• Dorms were usually packed with three tiered bunks
  • Waited for immigration inspectors to admit/reject

Cooperation for Survival
  • Once in the U.S., many immigrants faced many
  • Place to live
  • Work
  • Language
  • Culture
  • Religion, Customs

Cooperation for Survival
  • Ethnic communities started to develop
  • Chinatown, Little Italy, Jewish Quarter
  • Immigrants pooled their money
  • Built churches or synagogues
  • Formed social clubs mutual aid societies
  • Published newspapers in native languages

Cooperation for Survival
  • As immigrants tried to adapt, they came to think
    of themselves as hyphenated Americans
  • Polish-Americans
  • Italian-Americans
  • Chinese-Americans
  • Caused native-born Americans to see immigrants a
    threat to the American way of life

Immigration Restrictions
  • As waves of immigrants increased, feelings of
    nativism grew
  • Nativism
  • Preference for native-born people a desire to
    limit immigration
  • Focused on ethnic background and also religious
  • Targeted Catholics, Jews
  • Felt they would undermine the Protestant
    foundation of the U.S.

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Immigration Restrictions
  • Nativists organized, forming two major
    anti-immigrant groups
  • American Protective Association (1887)
  • Founder Henry Bowers
  • Northeast Midwest
  • Aim Hault Catholic immigration
  • Workingmans Party of California (1870s)
  • Founder Denis Kearney
  • The West
  • Aim Stop Chinese immigration

Immigration Restrictions
  • Congress acted to pass anti-immigration
  • Banned convicts, paupers, mentally disabled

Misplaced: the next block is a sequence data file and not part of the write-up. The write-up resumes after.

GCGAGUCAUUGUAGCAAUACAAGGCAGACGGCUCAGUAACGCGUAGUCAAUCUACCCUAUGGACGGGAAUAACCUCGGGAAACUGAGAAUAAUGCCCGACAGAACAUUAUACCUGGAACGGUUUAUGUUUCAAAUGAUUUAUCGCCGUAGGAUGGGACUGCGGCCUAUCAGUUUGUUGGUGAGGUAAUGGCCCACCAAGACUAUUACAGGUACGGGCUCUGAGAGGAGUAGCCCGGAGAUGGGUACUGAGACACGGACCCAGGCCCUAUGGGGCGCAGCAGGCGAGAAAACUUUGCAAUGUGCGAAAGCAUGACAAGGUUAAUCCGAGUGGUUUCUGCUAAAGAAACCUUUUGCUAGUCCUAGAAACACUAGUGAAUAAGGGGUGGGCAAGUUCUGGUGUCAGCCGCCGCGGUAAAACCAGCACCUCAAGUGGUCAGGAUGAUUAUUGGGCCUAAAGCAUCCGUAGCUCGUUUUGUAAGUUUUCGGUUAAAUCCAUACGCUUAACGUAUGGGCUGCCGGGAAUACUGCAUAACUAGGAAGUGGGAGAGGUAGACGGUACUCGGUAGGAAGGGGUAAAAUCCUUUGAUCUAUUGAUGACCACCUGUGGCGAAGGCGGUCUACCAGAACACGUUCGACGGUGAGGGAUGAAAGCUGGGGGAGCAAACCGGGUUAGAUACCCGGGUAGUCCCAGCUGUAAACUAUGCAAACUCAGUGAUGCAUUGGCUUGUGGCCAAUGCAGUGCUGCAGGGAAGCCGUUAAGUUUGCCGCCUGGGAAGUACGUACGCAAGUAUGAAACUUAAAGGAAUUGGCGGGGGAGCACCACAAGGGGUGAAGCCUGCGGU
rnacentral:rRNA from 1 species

• Placed a .50 head tax on each newcomer
  • Also passed the Chinese Exclusion Act (1882)
  • First legislation to ban a specific group
  • Banned entry to most Chinese with certain
    exceptions teachers, students, merchants,
    tourist, government officials

Gentlemens Agreement
  • Anti-Chinese sentiment was transferred to the
  • San Franciscos Board of Education began
    segregating Japanese children
  • Japan protested the decision President Teddy
    Roosevelt negotiated a deal with Japan
  • Gentlemans Agreement (1907)
  • Japan agreed to end immigration to the
    continental U.S. as long as the U.S. agreed to
    allow the wives, parents, children of residents
    to enter and also to repeal school segregation

Section 2 Challenges of Urbanization
Urban Opportunities
  • Urbanization
  • Rapid growth of cities mostly in the regions of
    the Northeast Midwest
  • Rural to urban movement
  • Increase services problems
  • Housing
  • Transportation
  • Water
  • Sanitation
  • Crime
  • Fire

Immigrants Settle in Cities
  • Why did people move to the cities?
  • Cities offered a cheap convenient place to live
  • Lived close to work
  • Cities offered unskilled workers steady jobs in
    mills and factories

Immigrants Settle in Cities
  • Americanization movement
  • Designed to assimilate people in American culture
  • Schools provided programs to teach immigrants
    skills needed for citizenship
  • English literacy
  • American history government
  • Social etiquette were also part of the curriculum